Why do cats sniff pheromones?
I have been asked how cats sniff pheromones. Perhaps the better question is “Why they do this?” Let’s find out the reasons.
Pheromones are an odourous secretion releasing a specific response in another individual of the same species. These body chemicals are natural scents and are used in communication between cats. The aroma of pheromones (odorous sections) from the Queen, and her estrous behaviour of persistent vocalisation, rolling, rubbing and extreme affection, ready the male for copulation, and the Queen allows him to mate.
Produced by the anal glands within the anal sac and by some of the sebaceous glands, pheromones are especially found in those of the caudal glands in
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the tail and the areas in front of the ears. Ducts from the sebaceous glands open into hair follicles. These produce sebum, an oily material which is important in waterproofing the skin surface, maintaining skin pliability and resistance to infection.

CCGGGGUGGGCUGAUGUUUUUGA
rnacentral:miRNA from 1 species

On the dorsal surface of the tail, near the anus, is a specialised area containing many sebaceous glands. This area is known as the caudal gland and it sometimes produces excessive sebum which leads to the condition of ‘stud tail’.
The nasal organ is a blind pouch above the hard palate that communicates with the nasal and oral cavities via the nasal palatine duct which opens behind the incisor teeth. This organ is believed to perceive pheromones, that are chemical odours in urine and glandular secretion; and residual scent marks in the environment. Both Toms and Queens produce pheromones and they act as sexual attractants for cats.
Therefore, cats are seen to be sniffing both the opposite sex as well as the same sex although it is more usual to see the males sniffing any female they feel may be ready for mating. It is all part of the reproductive life of animals.
(Joan E Henderson is based in Australia and she has judged furry felines in many other countries including USA, Bermuda, Malaysia, South Africa, Hong Kong, Philippines and New Zealand.)